The Sugar Process

FAQ's
 
We all know that sugar is sweet, and that most of our favourite foods wouldn't taste as yummy without it. But what exactly is sugar? Is it a vitamin? Does it grow wild in warm, tropical countries? Well, for those in the dark, here are some Frequently Asked Questions about sugar, the various types available, how sugar is produced and how it affects our health.
 
1. What Is Sugar
Sugar, or sucrose, is a form of carbohydrate, which is an important source of energy for the body. Sugar occurs naturally in fruits and vegetables, but occurs in the greatest quantities in sugar cane and sugar beet (a large, pale brown root crop), from which it is separated for commercial use.

2. Is There A Difference Between Sugar From Sugar Beets And Sugar Produced From Sugar Cane?
There is no difference. Sugar cane, a giant grass, grows in warm, moist climates and stores sugar in its stalk. The sugar beet thrives best in a temperate climate and stores sugar in its white root. Sugar from both sources is produced in the same fashion as all other green plants produce sugar - as a means of storing the sun's energy.

3. Is There Only One Kind Of Sugar?
No. There are various kinds of sugar, which include the sugars made by plants during photosynthesis, milk sugars and honey. Although there may be a whole range of substances that make up the family of sugars, they all contain the same nutritional value.

4. So What Kinds Of Sugar Are There?
There are a number of different sugars, including glucose (found in fruits, vegetables and honey), lactose (known as milk sugar), maltose or malt sugar (found in beer and malted drinks), sucrose (which comes from sugar cane or beet and also occurs naturally in some fruits or vegetables) and fructose (found in fruits and honey).

5. What Is Raw Sugar?
Raw sugar is a tan to brown, coarse granulated product obtained from the evaporation of clarified sugar cane juice. Raw sugar is processed from sugar cane, is about 98% sucrose and is not sold to consumers.

6. Why Do Many Processed Foods Contain Sugar?
Apart from its taste, sugar plays many other roles in cooking and baking. It adds texture and colour to baked goods. It is needed for fermentation by yeast, which causes bread to rise. Sugar also acts as a bulking agent (ice cream and baked goods) and preservative (jams and fruits). In non-sweet foods (salad dressings and sauces) sugar enhances flavour. It also balances the acid content in tomato and vinegar-based products.

7. Is Sugar Nutritious?
Sugar is pure carbohydrate, an important nutrient that supplies energy to the body. Your body does not distinguish between the various types of sugar and thus treats them all in essentially the same way, whether they occur naturally in a food or are added. All carbohydrates, including sugars, provide 4 calories (16 kilojoules) per gramme.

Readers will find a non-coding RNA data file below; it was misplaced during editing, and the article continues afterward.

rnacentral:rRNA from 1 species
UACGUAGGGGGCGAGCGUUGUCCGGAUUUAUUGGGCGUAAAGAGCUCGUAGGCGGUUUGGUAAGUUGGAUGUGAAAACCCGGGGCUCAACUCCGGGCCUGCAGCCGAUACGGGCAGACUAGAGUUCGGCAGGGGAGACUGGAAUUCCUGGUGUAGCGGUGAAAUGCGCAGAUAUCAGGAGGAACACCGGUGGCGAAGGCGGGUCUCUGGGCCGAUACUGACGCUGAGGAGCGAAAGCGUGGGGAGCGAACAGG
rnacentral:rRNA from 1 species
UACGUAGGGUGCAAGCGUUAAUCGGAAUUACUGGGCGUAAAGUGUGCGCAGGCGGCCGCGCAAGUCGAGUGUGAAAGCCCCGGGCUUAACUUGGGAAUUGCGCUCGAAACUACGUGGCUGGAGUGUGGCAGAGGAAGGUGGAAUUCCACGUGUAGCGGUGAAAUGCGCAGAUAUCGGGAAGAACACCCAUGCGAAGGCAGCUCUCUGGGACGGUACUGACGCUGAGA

8. How Does The Body Use Sugar?
During digestion, all carbohydrates, including sugars and starches (e.g. rice, noodles and bread) break down into single units of sugar, which, in turn, are converted to glucose. Glucose travels through the bloodstream to the body’s cells to provide energy or is stored for future use. Glucose is the only nutrient that the brain and red blood cells can use for energy.

9. Does Sugar Have More Calories Than Other Nutrients?
No. All carbohydrates, including sugars, provide 4 calories (16 kilojoules) per gramme. Protein provides the same amount. Fats, on the other hand, provide 9 calories (37 kilojoules) per gramme while alcohol provides 7 calories (29 kilojoules) per gramme.

10. Does Excess Sugar Cause Diabetes?
Researchers have yet to discover why diabetes occurs. However, there is strong evidence to suggest that sugar does NOT cause it. Recent nutritional guidelines from the Food & Agriculture Organisation (FAO) of the United Nations and the World Health Organisation state that most diabetics can enjoy moderate amounts of sugar each day as part of mixed meals.

11. Does Excess Sugar Lead To Heart Disease?
Many lifestyle and hereditary factors play a role in the development of heart disease. These include obesity, a high intake of fat (especially saturated fats), a low intake of fruits and vegetables and a lack of physical activity. Sugar, however, has NOT been identified as a risk factor for heart disease.

12. Does Sugar Cause Hyperactivity In Children?
No, it does not. A recent study examined the effect of sugar on the behaviour of certain children, who were selected because their parents believed their kids reacted negatively to sugar. The study, however, found no difference in the behaviour of these young ones when they ate higher-than-normal amounts of sugar compared to when they consumed diets low in sugar.

13. Can Sugar Give You Cavities?
Tooth decay is caused by many factors, including hereditary tendencies and the make-up and flow of saliva. Sugar and other carbohydrates also play a part, as bacteria on the teeth use carbohydrate to make acid. Over time, these acids can break down the tooth enamel to form cavities. Thus, a frequent intake of carbohydrate-heavy foods or drinks may increase the chance of tooth decay by not allowing saliva sufficient time to neutralise these acids.

 
 
     
 

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